Case study

George and Dennis Gibley have a problem and have approached their financial adviser. The brothers' company has turned in a record year and profits will exceed £150,000 resulting in a corporation tax bill of around £28,500. The brothers know that three months into next year, they will be investing in new plant and machinery necessary to keep them at the top of their market and likely costs will be at least £150,000, but ideally more. 

They could retain their profit from the current year but this would trigger a £28,500 tax liability reducing retained profits to £121,500. Whilst they have a good relationship with their bank, they do not like the costs of arranging borrowing, nor payment of interest to the bank. Nor do they wish to give the security required by the bank to make the advance.

The financial adviser asks about the brother’s current pension provision, and learns that both are members of the company’s executive pension scheme and have allocations of around £70,000 each, but neither have received contributions in the last few years. Both brothers acknowledge that they really do need to recommence funding to their pensions but are concerned that whilst corporate contributions this year would reduce their profit and thus corporation tax bill, they would reduce available investment which would be required next year.

The adviser explains however how they can get, not only contributions back into the company, but also the extra capital they really need to make the investment into new machinery.

The company operates from its own trading premises, which it purchased in 2007. Sadly, this was towards the top of the property market before the 2008/2009 crash, although values have recovered to £250,000, just £10,000 more than they paid for it. They have however fully paid off the mortgage.

The adviser suggests that the company makes a corporate contribution for each brother of £75,000, which would reduce the company's profit to zero and thus save the payment of corporation tax of £28,500. The payment would utilise the individual's current annual allowance plus unused allowances carried forward from previous tax years.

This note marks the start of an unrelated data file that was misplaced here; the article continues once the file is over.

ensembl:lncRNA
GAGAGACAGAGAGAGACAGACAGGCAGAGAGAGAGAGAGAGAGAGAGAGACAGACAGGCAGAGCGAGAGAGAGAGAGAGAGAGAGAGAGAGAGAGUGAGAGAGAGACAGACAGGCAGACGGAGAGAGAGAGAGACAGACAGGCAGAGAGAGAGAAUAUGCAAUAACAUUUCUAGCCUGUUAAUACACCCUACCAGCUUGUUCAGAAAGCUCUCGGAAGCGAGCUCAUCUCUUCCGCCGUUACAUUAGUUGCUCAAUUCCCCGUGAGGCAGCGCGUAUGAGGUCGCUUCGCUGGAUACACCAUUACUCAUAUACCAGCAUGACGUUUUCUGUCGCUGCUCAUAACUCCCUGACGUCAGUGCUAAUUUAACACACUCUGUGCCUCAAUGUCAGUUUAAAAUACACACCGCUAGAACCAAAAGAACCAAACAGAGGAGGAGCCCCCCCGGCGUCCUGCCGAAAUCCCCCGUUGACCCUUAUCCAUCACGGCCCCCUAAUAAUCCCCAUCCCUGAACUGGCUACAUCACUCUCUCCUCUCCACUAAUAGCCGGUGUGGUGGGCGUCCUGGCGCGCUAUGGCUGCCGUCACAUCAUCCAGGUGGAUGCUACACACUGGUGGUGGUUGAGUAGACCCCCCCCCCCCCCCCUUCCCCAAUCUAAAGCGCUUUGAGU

Ideally, the purchase of commercial property would be through a Small Self-Administered Scheme (SSAS) but due to the relatively short time before the company's year end, there is insufficient time to establish a new scheme and be certain of obtaining HMRC registration before which, a contribution cannot be made. The HRMC check and register process can take between 2-3 months.

Instead, the adviser recommends a specialist SSAS practitioner who reviews the EPP's current deed and rules and find that they can be amended to adopt the provisions of a SSAS. As this is an alteration to a scheme, which is already registered, there is no delay and the contribution can then be made into the cash account of the newly converted SSAS.

As the SSAS is acquiring the property from a connected party, it is necessary for the purchase price to be verified by an independent commercial property valuer, who confirms the value at £250,000. The SSAS, which now holds a total of £290,000, sells down some of the funds necessary to augment the new cash contribution and can now acquire the property releasing the purchase price back to the company, which it can use for the investments. It will suffer a small tax bill on the gain in value of the property since its original acquisition.

The SSAS will need to cover SDLT and solicitor/acquisition costs and it will also be necessary for the company to enter into a lease, also at a commercial value set by and independent valuer, which in this case is £20,000. The company managed to save corporation tax by virtue of the pension contribution, which has been effectively returned, and more, enabling the capital investment necessary.

In future years, the company will pay a rent for occupation of the SSAS property of £20,000 which will be a tax-deductible trading expense, which in turn is funding the investment growth of the property within the SSAS. These rental payments received by the SSAS can be added to the excess funds, which remain invested and which are under the management of the adviser.